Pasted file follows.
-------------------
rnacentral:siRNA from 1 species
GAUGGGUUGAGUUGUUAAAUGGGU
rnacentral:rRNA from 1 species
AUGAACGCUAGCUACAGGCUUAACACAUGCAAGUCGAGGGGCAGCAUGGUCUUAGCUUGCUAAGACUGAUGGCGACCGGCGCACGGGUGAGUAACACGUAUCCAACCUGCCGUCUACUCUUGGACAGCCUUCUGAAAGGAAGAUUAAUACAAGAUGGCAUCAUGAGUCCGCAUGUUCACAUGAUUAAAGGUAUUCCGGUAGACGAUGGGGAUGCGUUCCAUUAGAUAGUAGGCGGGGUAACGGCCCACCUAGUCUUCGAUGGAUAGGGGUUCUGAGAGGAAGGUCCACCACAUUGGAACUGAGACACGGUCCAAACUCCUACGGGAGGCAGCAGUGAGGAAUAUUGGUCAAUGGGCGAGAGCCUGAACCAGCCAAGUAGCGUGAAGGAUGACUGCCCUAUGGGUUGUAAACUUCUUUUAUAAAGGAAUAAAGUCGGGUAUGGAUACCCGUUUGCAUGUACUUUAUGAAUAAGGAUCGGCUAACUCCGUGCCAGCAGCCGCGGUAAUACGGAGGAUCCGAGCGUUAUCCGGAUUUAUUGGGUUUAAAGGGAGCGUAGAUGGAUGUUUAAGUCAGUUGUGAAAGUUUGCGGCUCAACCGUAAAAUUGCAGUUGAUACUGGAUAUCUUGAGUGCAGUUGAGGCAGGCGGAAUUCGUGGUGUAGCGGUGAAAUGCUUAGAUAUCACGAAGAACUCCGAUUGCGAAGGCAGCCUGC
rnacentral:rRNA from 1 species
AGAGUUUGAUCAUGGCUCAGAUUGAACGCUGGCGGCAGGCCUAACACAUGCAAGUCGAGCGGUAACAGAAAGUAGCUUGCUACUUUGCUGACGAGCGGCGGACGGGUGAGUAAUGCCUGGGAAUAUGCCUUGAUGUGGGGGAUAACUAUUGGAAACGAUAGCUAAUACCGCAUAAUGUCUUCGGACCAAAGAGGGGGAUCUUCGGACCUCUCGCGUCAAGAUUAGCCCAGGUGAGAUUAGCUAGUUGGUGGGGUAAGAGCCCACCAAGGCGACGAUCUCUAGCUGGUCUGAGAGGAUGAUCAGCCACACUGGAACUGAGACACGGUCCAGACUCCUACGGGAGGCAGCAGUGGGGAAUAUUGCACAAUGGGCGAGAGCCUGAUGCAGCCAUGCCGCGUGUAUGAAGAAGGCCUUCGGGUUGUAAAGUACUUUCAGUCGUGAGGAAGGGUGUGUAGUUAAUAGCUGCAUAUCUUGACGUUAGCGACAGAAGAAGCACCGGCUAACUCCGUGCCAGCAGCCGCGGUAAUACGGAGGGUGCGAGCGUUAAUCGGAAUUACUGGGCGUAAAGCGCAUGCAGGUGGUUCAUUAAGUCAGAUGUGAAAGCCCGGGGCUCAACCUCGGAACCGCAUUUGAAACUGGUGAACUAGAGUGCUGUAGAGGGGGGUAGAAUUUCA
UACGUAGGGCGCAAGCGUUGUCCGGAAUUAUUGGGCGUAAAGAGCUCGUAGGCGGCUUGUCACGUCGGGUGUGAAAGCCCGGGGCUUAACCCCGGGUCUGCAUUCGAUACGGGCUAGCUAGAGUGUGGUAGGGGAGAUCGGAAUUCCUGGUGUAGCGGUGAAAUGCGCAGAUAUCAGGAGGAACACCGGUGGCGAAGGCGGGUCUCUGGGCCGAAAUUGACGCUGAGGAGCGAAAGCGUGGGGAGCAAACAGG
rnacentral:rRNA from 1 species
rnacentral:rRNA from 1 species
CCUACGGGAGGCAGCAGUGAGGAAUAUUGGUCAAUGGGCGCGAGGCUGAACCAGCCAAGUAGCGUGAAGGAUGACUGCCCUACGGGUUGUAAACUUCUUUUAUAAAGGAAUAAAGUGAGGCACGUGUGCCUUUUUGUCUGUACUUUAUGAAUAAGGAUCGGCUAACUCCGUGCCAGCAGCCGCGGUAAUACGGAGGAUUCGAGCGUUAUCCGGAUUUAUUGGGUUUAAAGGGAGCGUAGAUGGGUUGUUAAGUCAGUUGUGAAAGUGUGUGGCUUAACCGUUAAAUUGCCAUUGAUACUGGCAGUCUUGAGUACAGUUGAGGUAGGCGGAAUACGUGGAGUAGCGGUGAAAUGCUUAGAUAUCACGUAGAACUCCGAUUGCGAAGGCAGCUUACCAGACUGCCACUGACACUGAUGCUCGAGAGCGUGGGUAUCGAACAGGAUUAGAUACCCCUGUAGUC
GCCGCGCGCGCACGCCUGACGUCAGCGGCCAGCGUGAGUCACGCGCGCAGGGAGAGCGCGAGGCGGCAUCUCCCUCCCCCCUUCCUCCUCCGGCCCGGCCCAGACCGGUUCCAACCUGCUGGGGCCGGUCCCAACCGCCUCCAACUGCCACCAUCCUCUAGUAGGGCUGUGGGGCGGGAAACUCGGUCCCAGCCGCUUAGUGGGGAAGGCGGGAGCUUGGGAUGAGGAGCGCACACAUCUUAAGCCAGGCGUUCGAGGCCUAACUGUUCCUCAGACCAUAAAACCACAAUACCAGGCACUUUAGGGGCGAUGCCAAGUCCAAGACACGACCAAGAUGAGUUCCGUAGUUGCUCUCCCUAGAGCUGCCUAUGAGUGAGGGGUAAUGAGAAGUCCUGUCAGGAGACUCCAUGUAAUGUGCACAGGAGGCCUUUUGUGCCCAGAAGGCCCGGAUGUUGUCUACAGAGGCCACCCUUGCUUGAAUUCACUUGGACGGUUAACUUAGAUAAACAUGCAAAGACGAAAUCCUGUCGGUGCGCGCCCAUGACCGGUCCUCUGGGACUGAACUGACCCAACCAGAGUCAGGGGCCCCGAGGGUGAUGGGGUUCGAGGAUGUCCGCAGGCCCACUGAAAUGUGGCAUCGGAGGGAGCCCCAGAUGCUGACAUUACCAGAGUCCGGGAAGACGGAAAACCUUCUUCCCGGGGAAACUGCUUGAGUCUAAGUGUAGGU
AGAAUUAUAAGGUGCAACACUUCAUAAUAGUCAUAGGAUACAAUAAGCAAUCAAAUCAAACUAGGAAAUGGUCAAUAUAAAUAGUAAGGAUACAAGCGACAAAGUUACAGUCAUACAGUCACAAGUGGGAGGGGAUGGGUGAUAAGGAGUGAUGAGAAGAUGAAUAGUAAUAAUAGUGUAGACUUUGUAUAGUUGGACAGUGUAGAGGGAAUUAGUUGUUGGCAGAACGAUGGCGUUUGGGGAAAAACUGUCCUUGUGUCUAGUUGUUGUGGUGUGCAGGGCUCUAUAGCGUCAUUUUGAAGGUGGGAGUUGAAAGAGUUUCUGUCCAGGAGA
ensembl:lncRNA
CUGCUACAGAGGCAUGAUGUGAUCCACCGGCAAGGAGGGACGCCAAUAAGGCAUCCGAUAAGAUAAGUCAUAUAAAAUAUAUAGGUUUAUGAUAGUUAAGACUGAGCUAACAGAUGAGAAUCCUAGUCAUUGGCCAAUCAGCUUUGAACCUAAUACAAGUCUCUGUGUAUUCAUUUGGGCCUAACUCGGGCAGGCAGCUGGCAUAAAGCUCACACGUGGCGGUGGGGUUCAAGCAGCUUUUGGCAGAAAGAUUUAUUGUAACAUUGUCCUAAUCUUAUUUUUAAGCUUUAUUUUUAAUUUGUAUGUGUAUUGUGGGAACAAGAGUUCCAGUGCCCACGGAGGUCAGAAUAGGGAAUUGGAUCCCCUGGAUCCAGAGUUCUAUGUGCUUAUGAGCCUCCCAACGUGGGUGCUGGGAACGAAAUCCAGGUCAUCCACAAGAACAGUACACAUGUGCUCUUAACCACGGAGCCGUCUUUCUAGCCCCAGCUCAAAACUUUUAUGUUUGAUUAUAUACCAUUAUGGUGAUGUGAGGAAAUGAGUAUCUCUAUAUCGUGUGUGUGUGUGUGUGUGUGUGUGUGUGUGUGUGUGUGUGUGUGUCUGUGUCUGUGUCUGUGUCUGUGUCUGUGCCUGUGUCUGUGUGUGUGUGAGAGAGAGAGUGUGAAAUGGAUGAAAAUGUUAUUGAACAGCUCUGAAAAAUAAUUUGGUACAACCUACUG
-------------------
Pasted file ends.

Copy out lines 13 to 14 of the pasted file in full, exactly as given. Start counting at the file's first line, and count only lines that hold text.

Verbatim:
ensembl:lncRNA
CUGCUACAGAGGCAUGAUGUGAUCCACCGGCAAGGAGGGACGCCAAUAAGGCAUCCGAUAAGAUAAGUCAUAUAAAAUAUAUAGGUUUAUGAUAGUUAAGACUGAGCUAACAGAUGAGAAUCCUAGUCAUUGGCCAAUCAGCUUUGAACCUAAUACAAGUCUCUGUGUAUUCAUUUGGGCCUAACUCGGGCAGGCAGCUGGCAUAAAGCUCACACGUGGCGGUGGGGUUCAAGCAGCUUUUGGCAGAAAGAUUUAUUGUAACAUUGUCCUAAUCUUAUUUUUAAGCUUUAUUUUUAAUUUGUAUGUGUAUUGUGGGAACAAGAGUUCCAGUGCCCACGGAGGUCAGAAUAGGGAAUUGGAUCCCCUGGAUCCAGAGUUCUAUGUGCUUAUGAGCCUCCCAACGUGGGUGCUGGGAACGAAAUCCAGGUCAUCCACAAGAACAGUACACAUGUGCUCUUAACCACGGAGCCGUCUUUCUAGCCCCAGCUCAAAACUUUUAUGUUUGAUUAUAUACCAUUAUGGUGAUGUGAGGAAAUGAGUAUCUCUAUAUCGUGUGUGUGUGUGUGUGUGUGUGUGUGUGUGUGUGUGUGUGUGUGUCUGUGUCUGUGUCUGUGUCUGUGUCUGUGCCUGUGUCUGUGUGUGUGUGAGAGAGAGAGUGUGAAAUGGAUGAAAAUGUUAUUGAACAGCUCUGAAAAAUAAUUUGGUACAACCUACUG